Scientists have demonstrated that cranberry proanthocyanidin (cPAC) prevents the evolution of resistance to tetracycline in pathogenic bacteria, rescues antibiotic efficacy against antibiotic‐exposed cells, and represses biofilm formation.
The bacteria studied were those responsible for urinary tract infections, pneumonia, and gastro-enteritis (Proteus mirabilis, Pseudomonas aeruginosa, and Escherichia coli).
The results show that cPAC has a potentiating effect, both in vitro and in vivo (insect), on a broad range of antibiotic classes against pathogenic E. coli, Proteus mirabilis, and P. aeruginosa.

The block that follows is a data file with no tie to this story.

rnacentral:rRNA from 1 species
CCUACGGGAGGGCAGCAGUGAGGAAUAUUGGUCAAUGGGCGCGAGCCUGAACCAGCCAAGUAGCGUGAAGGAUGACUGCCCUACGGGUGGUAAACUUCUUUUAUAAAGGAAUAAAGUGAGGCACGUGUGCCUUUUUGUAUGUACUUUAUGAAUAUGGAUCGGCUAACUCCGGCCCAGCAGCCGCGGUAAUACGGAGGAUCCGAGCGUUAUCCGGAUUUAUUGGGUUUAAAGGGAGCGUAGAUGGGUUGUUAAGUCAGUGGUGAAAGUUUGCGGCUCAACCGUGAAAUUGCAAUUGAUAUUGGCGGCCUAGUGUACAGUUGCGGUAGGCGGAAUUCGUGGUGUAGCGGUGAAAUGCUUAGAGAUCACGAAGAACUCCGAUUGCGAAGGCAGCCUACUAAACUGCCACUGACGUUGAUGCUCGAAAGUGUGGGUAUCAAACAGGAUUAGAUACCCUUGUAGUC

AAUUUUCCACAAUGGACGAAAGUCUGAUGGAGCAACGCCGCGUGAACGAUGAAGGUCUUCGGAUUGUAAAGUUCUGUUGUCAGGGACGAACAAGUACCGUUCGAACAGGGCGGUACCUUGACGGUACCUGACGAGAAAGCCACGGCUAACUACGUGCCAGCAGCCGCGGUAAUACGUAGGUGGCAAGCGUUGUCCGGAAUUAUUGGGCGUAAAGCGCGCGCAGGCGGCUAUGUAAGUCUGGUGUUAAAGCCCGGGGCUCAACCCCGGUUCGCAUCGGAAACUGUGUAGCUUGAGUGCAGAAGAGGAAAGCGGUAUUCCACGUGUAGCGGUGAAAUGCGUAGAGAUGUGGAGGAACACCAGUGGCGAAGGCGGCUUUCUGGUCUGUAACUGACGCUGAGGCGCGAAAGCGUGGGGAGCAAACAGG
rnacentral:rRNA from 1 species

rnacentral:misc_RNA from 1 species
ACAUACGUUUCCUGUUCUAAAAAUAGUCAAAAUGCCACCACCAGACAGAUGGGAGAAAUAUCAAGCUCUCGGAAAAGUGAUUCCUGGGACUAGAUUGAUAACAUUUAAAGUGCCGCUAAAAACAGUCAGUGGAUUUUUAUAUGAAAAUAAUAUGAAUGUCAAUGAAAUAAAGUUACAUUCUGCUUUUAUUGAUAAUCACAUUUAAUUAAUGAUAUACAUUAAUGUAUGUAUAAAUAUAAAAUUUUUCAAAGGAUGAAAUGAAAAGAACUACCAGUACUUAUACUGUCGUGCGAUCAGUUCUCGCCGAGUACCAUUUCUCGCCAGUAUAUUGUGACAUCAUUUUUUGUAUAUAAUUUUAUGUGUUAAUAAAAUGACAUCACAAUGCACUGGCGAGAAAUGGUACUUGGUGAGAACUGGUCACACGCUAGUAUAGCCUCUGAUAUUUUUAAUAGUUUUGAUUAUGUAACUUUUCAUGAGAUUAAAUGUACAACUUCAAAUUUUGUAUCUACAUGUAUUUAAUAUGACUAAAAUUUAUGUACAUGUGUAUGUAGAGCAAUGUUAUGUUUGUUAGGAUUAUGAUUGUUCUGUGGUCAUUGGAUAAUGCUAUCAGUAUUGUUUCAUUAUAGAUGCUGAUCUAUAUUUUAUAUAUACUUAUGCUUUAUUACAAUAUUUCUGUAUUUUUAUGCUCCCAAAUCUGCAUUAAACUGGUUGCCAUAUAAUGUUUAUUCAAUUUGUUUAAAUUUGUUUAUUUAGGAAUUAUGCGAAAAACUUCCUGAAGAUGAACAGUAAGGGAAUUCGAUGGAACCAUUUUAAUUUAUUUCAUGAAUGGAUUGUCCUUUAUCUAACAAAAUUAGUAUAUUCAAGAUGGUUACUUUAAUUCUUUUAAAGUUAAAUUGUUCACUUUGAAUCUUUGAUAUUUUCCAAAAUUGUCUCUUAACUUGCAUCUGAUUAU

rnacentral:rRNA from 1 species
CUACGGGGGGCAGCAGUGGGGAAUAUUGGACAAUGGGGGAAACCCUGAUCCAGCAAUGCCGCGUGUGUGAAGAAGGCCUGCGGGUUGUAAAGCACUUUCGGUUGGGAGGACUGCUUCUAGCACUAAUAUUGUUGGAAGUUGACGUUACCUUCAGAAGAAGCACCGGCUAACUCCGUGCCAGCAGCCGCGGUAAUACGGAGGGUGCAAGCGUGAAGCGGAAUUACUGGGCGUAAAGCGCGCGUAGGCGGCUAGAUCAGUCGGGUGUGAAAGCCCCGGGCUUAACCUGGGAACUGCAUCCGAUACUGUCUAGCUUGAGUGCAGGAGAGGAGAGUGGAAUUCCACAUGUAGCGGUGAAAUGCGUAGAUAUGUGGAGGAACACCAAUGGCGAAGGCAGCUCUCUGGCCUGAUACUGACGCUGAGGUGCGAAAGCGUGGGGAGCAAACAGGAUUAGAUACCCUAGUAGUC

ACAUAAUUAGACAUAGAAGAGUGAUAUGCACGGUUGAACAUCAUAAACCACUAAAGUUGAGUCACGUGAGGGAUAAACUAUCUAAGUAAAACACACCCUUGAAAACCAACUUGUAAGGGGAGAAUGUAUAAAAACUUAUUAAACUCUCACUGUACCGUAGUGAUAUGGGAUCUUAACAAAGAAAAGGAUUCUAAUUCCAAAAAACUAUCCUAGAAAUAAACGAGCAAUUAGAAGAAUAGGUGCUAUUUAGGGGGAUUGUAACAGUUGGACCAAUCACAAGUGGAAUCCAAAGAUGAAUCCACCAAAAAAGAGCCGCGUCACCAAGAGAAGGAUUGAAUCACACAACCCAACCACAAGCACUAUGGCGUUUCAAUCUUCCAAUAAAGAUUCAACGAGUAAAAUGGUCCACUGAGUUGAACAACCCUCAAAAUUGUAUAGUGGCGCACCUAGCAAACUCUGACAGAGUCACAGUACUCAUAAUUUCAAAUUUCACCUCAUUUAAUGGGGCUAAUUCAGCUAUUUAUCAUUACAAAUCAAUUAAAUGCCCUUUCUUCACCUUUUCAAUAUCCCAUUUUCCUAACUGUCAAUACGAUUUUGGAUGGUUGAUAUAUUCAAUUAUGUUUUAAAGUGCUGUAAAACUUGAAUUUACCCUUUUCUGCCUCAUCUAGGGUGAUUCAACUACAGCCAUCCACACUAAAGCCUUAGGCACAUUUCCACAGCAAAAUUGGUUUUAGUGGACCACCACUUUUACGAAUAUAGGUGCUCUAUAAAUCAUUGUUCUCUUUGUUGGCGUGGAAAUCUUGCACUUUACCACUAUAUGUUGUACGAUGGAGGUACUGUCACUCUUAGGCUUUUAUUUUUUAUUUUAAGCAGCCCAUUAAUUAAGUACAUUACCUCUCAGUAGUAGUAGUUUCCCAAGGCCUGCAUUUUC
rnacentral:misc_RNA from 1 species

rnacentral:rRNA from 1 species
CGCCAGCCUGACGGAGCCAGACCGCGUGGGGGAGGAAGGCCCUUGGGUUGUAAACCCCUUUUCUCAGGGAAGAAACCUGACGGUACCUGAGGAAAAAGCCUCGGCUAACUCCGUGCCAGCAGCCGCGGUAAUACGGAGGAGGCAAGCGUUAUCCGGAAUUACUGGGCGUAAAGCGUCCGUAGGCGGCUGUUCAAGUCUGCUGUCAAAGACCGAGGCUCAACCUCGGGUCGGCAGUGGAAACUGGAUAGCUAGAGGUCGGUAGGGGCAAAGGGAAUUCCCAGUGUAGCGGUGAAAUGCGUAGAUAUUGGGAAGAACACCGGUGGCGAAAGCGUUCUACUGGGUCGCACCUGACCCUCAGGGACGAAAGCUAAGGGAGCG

The researchers found that cPAC acts by repressing two antibiotic resistance mechanisms; selective membrane permeability and multidrug efflux pumps. Failure of cPAC to potentiate antibiotics against efflux pump‐defective mutants demonstrates that efflux interference is essential for potentiation, they said.
If confirmed by further animal testing, cPAC could be used to potentiate antibiotics and thus improve treatment outcomes and help mitigate the growing threat of antimicrobial resistance, the study authors said.
“These are really exciting results," said study co-author Prof Éric Déziel. "There are several different kinds of proanthocyanidins, and they may work together to deliver this outcome. We'll need to do more research to determine which ones are most active in synergy with the antibiotic."
The study appears in the journal Advanced Science.